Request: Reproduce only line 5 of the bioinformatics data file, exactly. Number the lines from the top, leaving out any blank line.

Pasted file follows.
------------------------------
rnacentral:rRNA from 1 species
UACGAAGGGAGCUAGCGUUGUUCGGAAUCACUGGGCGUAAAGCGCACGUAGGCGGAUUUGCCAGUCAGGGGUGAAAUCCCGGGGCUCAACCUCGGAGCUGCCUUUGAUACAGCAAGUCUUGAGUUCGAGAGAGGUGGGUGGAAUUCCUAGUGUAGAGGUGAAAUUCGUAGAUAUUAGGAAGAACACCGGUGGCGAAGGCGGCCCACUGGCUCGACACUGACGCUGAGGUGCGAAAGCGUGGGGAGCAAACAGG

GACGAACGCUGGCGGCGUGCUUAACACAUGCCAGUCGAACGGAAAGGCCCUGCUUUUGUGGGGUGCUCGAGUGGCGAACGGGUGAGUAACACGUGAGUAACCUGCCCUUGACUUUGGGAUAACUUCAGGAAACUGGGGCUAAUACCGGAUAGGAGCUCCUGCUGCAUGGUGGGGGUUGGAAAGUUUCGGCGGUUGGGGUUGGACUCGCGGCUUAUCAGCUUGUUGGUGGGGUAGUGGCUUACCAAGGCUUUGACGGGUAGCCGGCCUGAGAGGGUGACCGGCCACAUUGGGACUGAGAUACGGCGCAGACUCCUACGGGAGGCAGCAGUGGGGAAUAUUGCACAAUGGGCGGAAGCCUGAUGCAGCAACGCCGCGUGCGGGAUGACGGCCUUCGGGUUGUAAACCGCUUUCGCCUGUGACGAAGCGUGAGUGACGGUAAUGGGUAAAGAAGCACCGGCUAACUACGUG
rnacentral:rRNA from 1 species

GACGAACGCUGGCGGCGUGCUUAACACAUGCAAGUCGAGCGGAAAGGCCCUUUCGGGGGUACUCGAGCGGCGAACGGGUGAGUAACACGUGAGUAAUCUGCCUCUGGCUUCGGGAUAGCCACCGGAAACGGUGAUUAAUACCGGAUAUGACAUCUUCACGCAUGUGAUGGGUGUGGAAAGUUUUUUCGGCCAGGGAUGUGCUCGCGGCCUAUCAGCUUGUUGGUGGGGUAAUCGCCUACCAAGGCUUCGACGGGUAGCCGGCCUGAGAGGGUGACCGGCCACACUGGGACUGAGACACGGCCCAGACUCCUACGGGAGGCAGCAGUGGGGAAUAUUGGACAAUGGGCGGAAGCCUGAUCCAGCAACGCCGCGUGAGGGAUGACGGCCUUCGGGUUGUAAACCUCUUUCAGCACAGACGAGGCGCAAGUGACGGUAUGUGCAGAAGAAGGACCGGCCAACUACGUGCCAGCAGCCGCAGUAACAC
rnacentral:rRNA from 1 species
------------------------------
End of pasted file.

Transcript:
GACGAACGCUGGCGGCGUGCUUAACACAUGCAAGUCGAGCGGAAAGGCCCUUUCGGGGGUACUCGAGCGGCGAACGGGUGAGUAACACGUGAGUAAUCUGCCUCUGGCUUCGGGAUAGCCACCGGAAACGGUGAUUAAUACCGGAUAUGACAUCUUCACGCAUGUGAUGGGUGUGGAAAGUUUUUUCGGCCAGGGAUGUGCUCGCGGCCUAUCAGCUUGUUGGUGGGGUAAUCGCCUACCAAGGCUUCGACGGGUAGCCGGCCUGAGAGGGUGACCGGCCACACUGGGACUGAGACACGGCCCAGACUCCUACGGGAGGCAGCAGUGGGGAAUAUUGGACAAUGGGCGGAAGCCUGAUCCAGCAACGCCGCGUGAGGGAUGACGGCCUUCGGGUUGUAAACCUCUUUCAGCACAGACGAGGCGCAAGUGACGGUAUGUGCAGAAGAAGGACCGGCCAACUACGUGCCAGCAGCCGCAGUAACAC